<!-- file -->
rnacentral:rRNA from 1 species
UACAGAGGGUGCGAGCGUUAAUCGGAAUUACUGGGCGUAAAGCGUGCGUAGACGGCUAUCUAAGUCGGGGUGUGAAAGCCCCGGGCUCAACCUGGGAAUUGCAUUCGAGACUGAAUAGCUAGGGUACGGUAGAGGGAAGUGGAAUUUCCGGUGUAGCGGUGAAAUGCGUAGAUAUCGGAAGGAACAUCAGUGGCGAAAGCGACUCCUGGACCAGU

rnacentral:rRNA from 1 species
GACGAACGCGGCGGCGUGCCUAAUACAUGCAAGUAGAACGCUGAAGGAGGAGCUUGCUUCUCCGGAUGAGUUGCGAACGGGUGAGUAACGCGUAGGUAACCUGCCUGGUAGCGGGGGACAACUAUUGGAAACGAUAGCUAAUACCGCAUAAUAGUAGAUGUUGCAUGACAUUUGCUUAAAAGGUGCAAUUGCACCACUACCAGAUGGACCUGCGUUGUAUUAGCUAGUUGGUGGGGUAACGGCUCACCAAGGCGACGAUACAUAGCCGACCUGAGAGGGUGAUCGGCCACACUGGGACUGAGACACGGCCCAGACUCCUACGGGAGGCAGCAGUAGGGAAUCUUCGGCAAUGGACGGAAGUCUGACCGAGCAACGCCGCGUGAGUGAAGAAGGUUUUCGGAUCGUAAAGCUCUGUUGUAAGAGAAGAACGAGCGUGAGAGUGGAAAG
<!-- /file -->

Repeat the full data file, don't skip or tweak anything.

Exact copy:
rnacentral:rRNA from 1 species
UACAGAGGGUGCGAGCGUUAAUCGGAAUUACUGGGCGUAAAGCGUGCGUAGACGGCUAUCUAAGUCGGGGUGUGAAAGCCCCGGGCUCAACCUGGGAAUUGCAUUCGAGACUGAAUAGCUAGGGUACGGUAGAGGGAAGUGGAAUUUCCGGUGUAGCGGUGAAAUGCGUAGAUAUCGGAAGGAACAUCAGUGGCGAAAGCGACUCCUGGACCAGU

rnacentral:rRNA from 1 species
GACGAACGCGGCGGCGUGCCUAAUACAUGCAAGUAGAACGCUGAAGGAGGAGCUUGCUUCUCCGGAUGAGUUGCGAACGGGUGAGUAACGCGUAGGUAACCUGCCUGGUAGCGGGGGACAACUAUUGGAAACGAUAGCUAAUACCGCAUAAUAGUAGAUGUUGCAUGACAUUUGCUUAAAAGGUGCAAUUGCACCACUACCAGAUGGACCUGCGUUGUAUUAGCUAGUUGGUGGGGUAACGGCUCACCAAGGCGACGAUACAUAGCCGACCUGAGAGGGUGAUCGGCCACACUGGGACUGAGACACGGCCCAGACUCCUACGGGAGGCAGCAGUAGGGAAUCUUCGGCAAUGGACGGAAGUCUGACCGAGCAACGCCGCGUGAGUGAAGAAGGUUUUCGGAUCGUAAAGCUCUGUUGUAAGAGAAGAACGAGCGUGAGAGUGGAAAG